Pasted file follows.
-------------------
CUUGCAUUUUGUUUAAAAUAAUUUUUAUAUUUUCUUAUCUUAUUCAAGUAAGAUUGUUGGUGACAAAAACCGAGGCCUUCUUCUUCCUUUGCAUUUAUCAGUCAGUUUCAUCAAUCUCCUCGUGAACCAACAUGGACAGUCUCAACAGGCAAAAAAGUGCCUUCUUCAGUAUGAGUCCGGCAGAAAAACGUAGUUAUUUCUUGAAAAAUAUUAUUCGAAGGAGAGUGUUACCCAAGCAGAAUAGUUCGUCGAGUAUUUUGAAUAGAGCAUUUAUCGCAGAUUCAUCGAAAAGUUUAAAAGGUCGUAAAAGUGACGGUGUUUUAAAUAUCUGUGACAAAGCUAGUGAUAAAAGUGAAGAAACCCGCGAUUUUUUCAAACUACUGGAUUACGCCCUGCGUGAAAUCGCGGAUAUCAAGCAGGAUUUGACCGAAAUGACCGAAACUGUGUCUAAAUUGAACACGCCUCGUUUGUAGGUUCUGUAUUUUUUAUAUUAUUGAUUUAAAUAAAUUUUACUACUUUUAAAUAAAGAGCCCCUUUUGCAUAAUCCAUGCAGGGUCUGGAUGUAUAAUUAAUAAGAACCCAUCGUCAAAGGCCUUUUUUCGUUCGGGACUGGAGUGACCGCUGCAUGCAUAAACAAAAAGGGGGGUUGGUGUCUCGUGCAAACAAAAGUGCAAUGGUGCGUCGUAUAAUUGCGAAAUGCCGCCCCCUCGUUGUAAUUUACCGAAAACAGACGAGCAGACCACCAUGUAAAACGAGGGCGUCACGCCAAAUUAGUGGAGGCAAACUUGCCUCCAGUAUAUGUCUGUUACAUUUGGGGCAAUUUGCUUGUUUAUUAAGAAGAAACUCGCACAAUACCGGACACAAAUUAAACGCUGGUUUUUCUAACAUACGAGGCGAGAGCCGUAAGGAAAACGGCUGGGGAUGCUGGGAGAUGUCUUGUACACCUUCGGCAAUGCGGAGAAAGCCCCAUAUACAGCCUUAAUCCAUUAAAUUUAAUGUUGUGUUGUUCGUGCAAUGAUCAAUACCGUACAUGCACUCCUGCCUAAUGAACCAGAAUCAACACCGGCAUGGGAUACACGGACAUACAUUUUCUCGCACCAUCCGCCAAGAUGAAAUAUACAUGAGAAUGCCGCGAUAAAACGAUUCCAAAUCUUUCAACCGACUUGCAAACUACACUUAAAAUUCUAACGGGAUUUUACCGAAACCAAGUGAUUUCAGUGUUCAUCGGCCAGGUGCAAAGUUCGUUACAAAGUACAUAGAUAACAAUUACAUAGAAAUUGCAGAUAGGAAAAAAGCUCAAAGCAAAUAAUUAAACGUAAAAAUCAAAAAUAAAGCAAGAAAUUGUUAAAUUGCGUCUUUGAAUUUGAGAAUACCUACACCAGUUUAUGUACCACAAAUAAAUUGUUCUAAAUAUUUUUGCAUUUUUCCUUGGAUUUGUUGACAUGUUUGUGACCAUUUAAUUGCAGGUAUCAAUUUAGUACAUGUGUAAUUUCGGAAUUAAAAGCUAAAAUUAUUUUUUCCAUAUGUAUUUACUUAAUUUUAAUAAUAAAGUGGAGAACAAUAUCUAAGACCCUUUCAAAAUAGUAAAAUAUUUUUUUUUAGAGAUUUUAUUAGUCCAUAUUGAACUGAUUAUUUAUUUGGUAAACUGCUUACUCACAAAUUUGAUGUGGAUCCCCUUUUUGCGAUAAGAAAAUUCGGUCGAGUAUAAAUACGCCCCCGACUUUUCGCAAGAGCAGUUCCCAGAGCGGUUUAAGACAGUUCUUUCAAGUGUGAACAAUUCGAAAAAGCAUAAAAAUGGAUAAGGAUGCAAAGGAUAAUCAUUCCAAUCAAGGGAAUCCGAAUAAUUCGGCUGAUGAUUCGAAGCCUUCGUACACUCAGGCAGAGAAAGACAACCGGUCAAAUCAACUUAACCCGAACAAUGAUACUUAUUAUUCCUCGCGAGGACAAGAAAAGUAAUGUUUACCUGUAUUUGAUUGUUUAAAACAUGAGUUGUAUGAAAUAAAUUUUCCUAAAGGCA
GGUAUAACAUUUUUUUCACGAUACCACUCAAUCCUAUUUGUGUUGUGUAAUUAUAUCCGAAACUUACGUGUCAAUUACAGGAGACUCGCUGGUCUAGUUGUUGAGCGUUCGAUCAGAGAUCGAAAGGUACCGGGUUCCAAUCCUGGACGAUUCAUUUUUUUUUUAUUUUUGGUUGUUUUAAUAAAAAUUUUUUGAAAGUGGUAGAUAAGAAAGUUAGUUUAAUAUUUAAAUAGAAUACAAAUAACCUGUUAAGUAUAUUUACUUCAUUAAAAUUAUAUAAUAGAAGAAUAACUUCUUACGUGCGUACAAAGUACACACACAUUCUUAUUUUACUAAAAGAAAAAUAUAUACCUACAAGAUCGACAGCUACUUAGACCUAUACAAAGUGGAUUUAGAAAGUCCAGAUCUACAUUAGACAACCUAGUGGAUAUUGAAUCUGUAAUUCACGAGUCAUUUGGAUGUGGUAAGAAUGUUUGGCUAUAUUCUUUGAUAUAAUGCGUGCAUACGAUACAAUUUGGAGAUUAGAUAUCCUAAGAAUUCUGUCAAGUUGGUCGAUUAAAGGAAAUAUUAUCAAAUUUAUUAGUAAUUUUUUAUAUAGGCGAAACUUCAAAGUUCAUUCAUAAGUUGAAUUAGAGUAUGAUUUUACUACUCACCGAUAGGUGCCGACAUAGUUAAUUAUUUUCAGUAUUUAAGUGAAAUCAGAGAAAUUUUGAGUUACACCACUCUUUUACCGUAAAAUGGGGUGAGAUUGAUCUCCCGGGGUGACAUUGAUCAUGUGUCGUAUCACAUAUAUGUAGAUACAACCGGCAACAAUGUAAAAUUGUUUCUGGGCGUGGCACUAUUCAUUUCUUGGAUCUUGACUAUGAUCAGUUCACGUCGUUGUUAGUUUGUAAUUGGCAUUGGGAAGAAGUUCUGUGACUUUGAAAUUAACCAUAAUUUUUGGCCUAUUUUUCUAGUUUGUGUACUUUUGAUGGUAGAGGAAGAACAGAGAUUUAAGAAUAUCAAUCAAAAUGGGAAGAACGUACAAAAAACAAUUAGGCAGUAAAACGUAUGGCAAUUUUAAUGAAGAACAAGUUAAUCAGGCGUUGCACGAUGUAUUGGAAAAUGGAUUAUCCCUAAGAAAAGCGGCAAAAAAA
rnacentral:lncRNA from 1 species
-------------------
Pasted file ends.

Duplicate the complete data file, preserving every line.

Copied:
CUUGCAUUUUGUUUAAAAUAAUUUUUAUAUUUUCUUAUCUUAUUCAAGUAAGAUUGUUGGUGACAAAAACCGAGGCCUUCUUCUUCCUUUGCAUUUAUCAGUCAGUUUCAUCAAUCUCCUCGUGAACCAACAUGGACAGUCUCAACAGGCAAAAAAGUGCCUUCUUCAGUAUGAGUCCGGCAGAAAAACGUAGUUAUUUCUUGAAAAAUAUUAUUCGAAGGAGAGUGUUACCCAAGCAGAAUAGUUCGUCGAGUAUUUUGAAUAGAGCAUUUAUCGCAGAUUCAUCGAAAAGUUUAAAAGGUCGUAAAAGUGACGGUGUUUUAAAUAUCUGUGACAAAGCUAGUGAUAAAAGUGAAGAAACCCGCGAUUUUUUCAAACUACUGGAUUACGCCCUGCGUGAAAUCGCGGAUAUCAAGCAGGAUUUGACCGAAAUGACCGAAACUGUGUCUAAAUUGAACACGCCUCGUUUGUAGGUUCUGUAUUUUUUAUAUUAUUGAUUUAAAUAAAUUUUACUACUUUUAAAUAAAGAGCCCCUUUUGCAUAAUCCAUGCAGGGUCUGGAUGUAUAAUUAAUAAGAACCCAUCGUCAAAGGCCUUUUUUCGUUCGGGACUGGAGUGACCGCUGCAUGCAUAAACAAAAAGGGGGGUUGGUGUCUCGUGCAAACAAAAGUGCAAUGGUGCGUCGUAUAAUUGCGAAAUGCCGCCCCCUCGUUGUAAUUUACCGAAAACAGACGAGCAGACCACCAUGUAAAACGAGGGCGUCACGCCAAAUUAGUGGAGGCAAACUUGCCUCCAGUAUAUGUCUGUUACAUUUGGGGCAAUUUGCUUGUUUAUUAAGAAGAAACUCGCACAAUACCGGACACAAAUUAAACGCUGGUUUUUCUAACAUACGAGGCGAGAGCCGUAAGGAAAACGGCUGGGGAUGCUGGGAGAUGUCUUGUACACCUUCGGCAAUGCGGAGAAAGCCCCAUAUACAGCCUUAAUCCAUUAAAUUUAAUGUUGUGUUGUUCGUGCAAUGAUCAAUACCGUACAUGCACUCCUGCCUAAUGAACCAGAAUCAACACCGGCAUGGGAUACACGGACAUACAUUUUCUCGCACCAUCCGCCAAGAUGAAAUAUACAUGAGAAUGCCGCGAUAAAACGAUUCCAAAUCUUUCAACCGACUUGCAAACUACACUUAAAAUUCUAACGGGAUUUUACCGAAACCAAGUGAUUUCAGUGUUCAUCGGCCAGGUGCAAAGUUCGUUACAAAGUACAUAGAUAACAAUUACAUAGAAAUUGCAGAUAGGAAAAAAGCUCAAAGCAAAUAAUUAAACGUAAAAAUCAAAAAUAAAGCAAGAAAUUGUUAAAUUGCGUCUUUGAAUUUGAGAAUACCUACACCAGUUUAUGUACCACAAAUAAAUUGUUCUAAAUAUUUUUGCAUUUUUCCUUGGAUUUGUUGACAUGUUUGUGACCAUUUAAUUGCAGGUAUCAAUUUAGUACAUGUGUAAUUUCGGAAUUAAAAGCUAAAAUUAUUUUUUCCAUAUGUAUUUACUUAAUUUUAAUAAUAAAGUGGAGAACAAUAUCUAAGACCCUUUCAAAAUAGUAAAAUAUUUUUUUUUAGAGAUUUUAUUAGUCCAUAUUGAACUGAUUAUUUAUUUGGUAAACUGCUUACUCACAAAUUUGAUGUGGAUCCCCUUUUUGCGAUAAGAAAAUUCGGUCGAGUAUAAAUACGCCCCCGACUUUUCGCAAGAGCAGUUCCCAGAGCGGUUUAAGACAGUUCUUUCAAGUGUGAACAAUUCGAAAAAGCAUAAAAAUGGAUAAGGAUGCAAAGGAUAAUCAUUCCAAUCAAGGGAAUCCGAAUAAUUCGGCUGAUGAUUCGAAGCCUUCGUACACUCAGGCAGAGAAAGACAACCGGUCAAAUCAACUUAACCCGAACAAUGAUACUUAUUAUUCCUCGCGAGGACAAGAAAAGUAAUGUUUACCUGUAUUUGAUUGUUUAAAACAUGAGUUGUAUGAAAUAAAUUUUCCUAAAGGCA
GGUAUAACAUUUUUUUCACGAUACCACUCAAUCCUAUUUGUGUUGUGUAAUUAUAUCCGAAACUUACGUGUCAAUUACAGGAGACUCGCUGGUCUAGUUGUUGAGCGUUCGAUCAGAGAUCGAAAGGUACCGGGUUCCAAUCCUGGACGAUUCAUUUUUUUUUUAUUUUUGGUUGUUUUAAUAAAAAUUUUUUGAAAGUGGUAGAUAAGAAAGUUAGUUUAAUAUUUAAAUAGAAUACAAAUAACCUGUUAAGUAUAUUUACUUCAUUAAAAUUAUAUAAUAGAAGAAUAACUUCUUACGUGCGUACAAAGUACACACACAUUCUUAUUUUACUAAAAGAAAAAUAUAUACCUACAAGAUCGACAGCUACUUAGACCUAUACAAAGUGGAUUUAGAAAGUCCAGAUCUACAUUAGACAACCUAGUGGAUAUUGAAUCUGUAAUUCACGAGUCAUUUGGAUGUGGUAAGAAUGUUUGGCUAUAUUCUUUGAUAUAAUGCGUGCAUACGAUACAAUUUGGAGAUUAGAUAUCCUAAGAAUUCUGUCAAGUUGGUCGAUUAAAGGAAAUAUUAUCAAAUUUAUUAGUAAUUUUUUAUAUAGGCGAAACUUCAAAGUUCAUUCAUAAGUUGAAUUAGAGUAUGAUUUUACUACUCACCGAUAGGUGCCGACAUAGUUAAUUAUUUUCAGUAUUUAAGUGAAAUCAGAGAAAUUUUGAGUUACACCACUCUUUUACCGUAAAAUGGGGUGAGAUUGAUCUCCCGGGGUGACAUUGAUCAUGUGUCGUAUCACAUAUAUGUAGAUACAACCGGCAACAAUGUAAAAUUGUUUCUGGGCGUGGCACUAUUCAUUUCUUGGAUCUUGACUAUGAUCAGUUCACGUCGUUGUUAGUUUGUAAUUGGCAUUGGGAAGAAGUUCUGUGACUUUGAAAUUAACCAUAAUUUUUGGCCUAUUUUUCUAGUUUGUGUACUUUUGAUGGUAGAGGAAGAACAGAGAUUUAAGAAUAUCAAUCAAAAUGGGAAGAACGUACAAAAAACAAUUAGGCAGUAAAACGUAUGGCAAUUUUAAUGAAGAACAAGUUAAUCAGGCGUUGCACGAUGUAUUGGAAAAUGGAUUAUCCCUAAGAAAAGCGGCAAAAAAA
rnacentral:lncRNA from 1 species